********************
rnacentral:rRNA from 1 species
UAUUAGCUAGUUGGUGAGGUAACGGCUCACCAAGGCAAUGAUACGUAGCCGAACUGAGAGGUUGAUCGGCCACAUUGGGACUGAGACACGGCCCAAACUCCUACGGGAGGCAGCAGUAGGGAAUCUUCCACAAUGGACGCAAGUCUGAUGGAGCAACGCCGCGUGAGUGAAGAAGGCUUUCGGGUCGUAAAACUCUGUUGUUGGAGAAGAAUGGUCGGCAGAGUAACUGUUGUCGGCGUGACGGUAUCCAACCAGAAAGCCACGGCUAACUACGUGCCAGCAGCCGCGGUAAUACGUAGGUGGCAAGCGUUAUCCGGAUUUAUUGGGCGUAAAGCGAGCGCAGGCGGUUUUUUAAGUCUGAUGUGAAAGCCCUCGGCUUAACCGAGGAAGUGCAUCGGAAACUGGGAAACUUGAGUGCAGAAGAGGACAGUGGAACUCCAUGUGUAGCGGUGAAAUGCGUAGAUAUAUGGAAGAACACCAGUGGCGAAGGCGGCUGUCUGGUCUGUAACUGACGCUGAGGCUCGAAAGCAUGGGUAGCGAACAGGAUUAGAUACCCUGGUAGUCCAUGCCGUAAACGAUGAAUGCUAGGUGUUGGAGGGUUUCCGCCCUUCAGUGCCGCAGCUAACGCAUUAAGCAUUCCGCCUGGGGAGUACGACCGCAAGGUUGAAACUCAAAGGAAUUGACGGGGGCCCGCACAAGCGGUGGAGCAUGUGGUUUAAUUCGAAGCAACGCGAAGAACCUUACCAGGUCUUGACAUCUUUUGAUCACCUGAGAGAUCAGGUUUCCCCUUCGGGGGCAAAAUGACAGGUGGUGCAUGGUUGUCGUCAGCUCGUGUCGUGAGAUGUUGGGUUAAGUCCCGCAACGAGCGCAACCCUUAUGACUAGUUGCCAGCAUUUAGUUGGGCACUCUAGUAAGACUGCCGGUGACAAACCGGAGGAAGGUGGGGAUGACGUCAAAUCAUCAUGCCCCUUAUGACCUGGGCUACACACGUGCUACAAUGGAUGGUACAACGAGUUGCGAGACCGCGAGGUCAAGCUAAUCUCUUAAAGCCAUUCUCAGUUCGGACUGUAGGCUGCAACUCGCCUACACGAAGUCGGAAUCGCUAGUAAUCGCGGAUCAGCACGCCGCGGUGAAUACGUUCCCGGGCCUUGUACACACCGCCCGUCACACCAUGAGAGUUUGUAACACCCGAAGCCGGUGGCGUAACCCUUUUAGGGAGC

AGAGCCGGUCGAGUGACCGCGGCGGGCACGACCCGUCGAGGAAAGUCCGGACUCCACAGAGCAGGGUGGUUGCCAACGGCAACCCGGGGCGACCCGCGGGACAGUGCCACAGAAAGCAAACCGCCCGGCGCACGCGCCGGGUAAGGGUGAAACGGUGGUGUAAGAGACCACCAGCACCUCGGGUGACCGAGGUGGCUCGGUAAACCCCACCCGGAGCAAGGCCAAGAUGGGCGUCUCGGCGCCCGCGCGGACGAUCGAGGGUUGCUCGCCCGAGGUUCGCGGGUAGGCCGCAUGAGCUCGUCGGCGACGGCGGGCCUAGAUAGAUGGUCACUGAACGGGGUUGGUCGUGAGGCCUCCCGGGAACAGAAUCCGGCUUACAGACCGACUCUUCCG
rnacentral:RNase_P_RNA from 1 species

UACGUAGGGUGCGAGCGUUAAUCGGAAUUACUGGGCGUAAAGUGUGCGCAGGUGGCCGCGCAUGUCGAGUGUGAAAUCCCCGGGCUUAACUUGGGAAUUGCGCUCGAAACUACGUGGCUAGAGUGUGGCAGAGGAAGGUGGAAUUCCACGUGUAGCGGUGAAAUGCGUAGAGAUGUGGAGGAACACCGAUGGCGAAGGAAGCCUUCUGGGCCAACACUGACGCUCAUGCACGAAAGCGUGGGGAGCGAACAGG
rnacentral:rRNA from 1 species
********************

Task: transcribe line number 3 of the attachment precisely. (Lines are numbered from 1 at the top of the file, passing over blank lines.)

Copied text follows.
AGAGCCGGUCGAGUGACCGCGGCGGGCACGACCCGUCGAGGAAAGUCCGGACUCCACAGAGCAGGGUGGUUGCCAACGGCAACCCGGGGCGACCCGCGGGACAGUGCCACAGAAAGCAAACCGCCCGGCGCACGCGCCGGGUAAGGGUGAAACGGUGGUGUAAGAGACCACCAGCACCUCGGGUGACCGAGGUGGCUCGGUAAACCCCACCCGGAGCAAGGCCAAGAUGGGCGUCUCGGCGCCCGCGCGGACGAUCGAGGGUUGCUCGCCCGAGGUUCGCGGGUAGGCCGCAUGAGCUCGUCGGCGACGGCGGGCCUAGAUAGAUGGUCACUGAACGGGGUUGGUCGUGAGGCCUCCCGGGAACAGAAUCCGGCUUACAGACCGACUCUUCCG